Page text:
Exclusive Interview: “Immunity Index” Author Sue Burke


In the following email interview, writer Sue Burke discusses how her political sci-fi novel Immunity Index (paperback, hardcover, Kindle, audiobook) takes place during a global pandemic, but was largely written before the Covid-19 outbreak. What’s interesting — or maybe “scary” is a better word — is that she also says that even if she had written it during lockdown, as opposed to before, it wouldn’t have actually been all that different.

Sue Burke Immunity Index

Photo Credit: Daniel Lewis


To start, what is Immunity Index about?

The United States is on the verge of a mutiny, human clones are second-class citizens, and three young women discover they are clones. When a sudden epidemic produces chaos, a scientist begins to unravel what’s really happening. Each of the women must fight to survive, one as an essential worker who hates her job, one as rebellious college student, and one caring for a genetically engineered woolly mammoth doomed by the chaos. When the mutiny and epidemic begin, their quest for freedom will lead them to each other.

When in relation to the Covid-19 outbreak did you come up with the idea for this story?

I started work on the novel in March of 2018, before the virus existed. But the idea had been percolating since the 1980s, when I was covering AIDS as a newspaper reporter. This was when I first heard of Dr. Anthony Fauci and began learning about infectious diseases. I came away with two terrible lessons. First, AIDS was communicable, not contagious; sooner or later something was going to come along that was deadly and contagious, much like the Spanish Flu in 1918. Second, some lives are politically expendable. AIDS was ignored for too long because it seemed to be a threat only to gay men.

So did the real-world pandemic prompt you to change anything in Immunity Index?

In the spring of 2020, I was doing the final edits. I added a mention of a run on toilet paper. Otherwise, the real-world pandemic unfolded much like the one that had been foreseen by health experts for decades, and urgent measures to combat the disease were ignored or executed badly. Public health authorities all agree that to control an epidemic, telling the truth is an essential step, and that didn’t happen in my novel or in real life, with predictable consequences. As I edited, my heart broke again and again.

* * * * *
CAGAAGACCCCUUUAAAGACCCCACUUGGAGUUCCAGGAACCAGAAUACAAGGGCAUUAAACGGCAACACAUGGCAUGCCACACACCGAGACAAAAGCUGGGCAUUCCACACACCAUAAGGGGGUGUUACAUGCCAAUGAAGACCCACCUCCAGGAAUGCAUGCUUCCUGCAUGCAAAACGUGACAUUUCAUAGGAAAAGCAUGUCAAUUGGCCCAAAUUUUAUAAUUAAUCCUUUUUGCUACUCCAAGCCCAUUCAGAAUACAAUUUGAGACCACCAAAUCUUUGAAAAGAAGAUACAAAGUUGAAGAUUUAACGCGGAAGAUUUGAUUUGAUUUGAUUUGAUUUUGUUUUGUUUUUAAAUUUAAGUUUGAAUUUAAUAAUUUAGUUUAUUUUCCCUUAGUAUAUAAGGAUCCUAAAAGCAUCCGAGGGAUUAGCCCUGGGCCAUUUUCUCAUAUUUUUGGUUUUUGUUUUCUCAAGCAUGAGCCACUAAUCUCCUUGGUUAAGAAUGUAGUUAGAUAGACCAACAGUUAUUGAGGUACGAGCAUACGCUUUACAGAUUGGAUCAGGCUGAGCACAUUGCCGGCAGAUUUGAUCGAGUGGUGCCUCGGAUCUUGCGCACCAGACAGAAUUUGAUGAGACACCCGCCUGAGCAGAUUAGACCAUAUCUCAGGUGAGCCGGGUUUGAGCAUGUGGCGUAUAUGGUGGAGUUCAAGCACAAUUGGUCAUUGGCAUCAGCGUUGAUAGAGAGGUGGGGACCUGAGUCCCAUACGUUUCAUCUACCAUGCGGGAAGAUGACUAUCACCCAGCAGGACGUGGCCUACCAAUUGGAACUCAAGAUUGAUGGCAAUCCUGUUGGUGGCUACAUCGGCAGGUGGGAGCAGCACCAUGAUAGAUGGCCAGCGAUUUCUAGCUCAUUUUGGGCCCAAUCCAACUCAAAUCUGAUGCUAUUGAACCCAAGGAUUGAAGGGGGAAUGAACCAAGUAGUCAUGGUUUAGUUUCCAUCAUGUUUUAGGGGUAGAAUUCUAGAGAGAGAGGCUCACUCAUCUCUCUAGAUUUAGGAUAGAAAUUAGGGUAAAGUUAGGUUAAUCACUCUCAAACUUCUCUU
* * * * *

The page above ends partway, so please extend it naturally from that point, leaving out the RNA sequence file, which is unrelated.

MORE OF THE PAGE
I can imagine. Immunity Index is set in the U.S. Is there a reason you have it take place there as opposed to in Europe or Asia or somewhere else?

I chose a place I knew well because I wanted the fictional world to be as real as possible. I grew up in Milwaukee and now live in Chicago. I’ve often visited Milwaukee’s City Hall and the University Of Wisconsin-Madison campus. I have family in Wausau. In addition, woolly mammoths used to live in Wisconsin. They seemed like logical places for a disaster.

Immunity Index is centered on three female clones. Is there a reason you made them women instead of men or people who are non-binary or a mix of genders? And in a similar vein, is there a reason they’re all clones as opposed to sisters or a woman and her two clones?

The Spanish philosopher José Ortega y Gasset said, “I am myself and my circumstance, and if I do not save it, I do not save myself.” I wanted to explore the idea of myself or identity, and the circumstance that would require a rescue of oneself if that self is multiple. I picked young women because I thought, having once been a young woman, I could portray it more accurately. Still, any of the other choices would have resulted in good stories — different stories, though, and I could only pick one story to tell.

It sounds like Immunity Index is a pandemic sci-fi novel, but not a post-apocalyptic one, more like pre-apocalyptic. Is this how you’d describe it?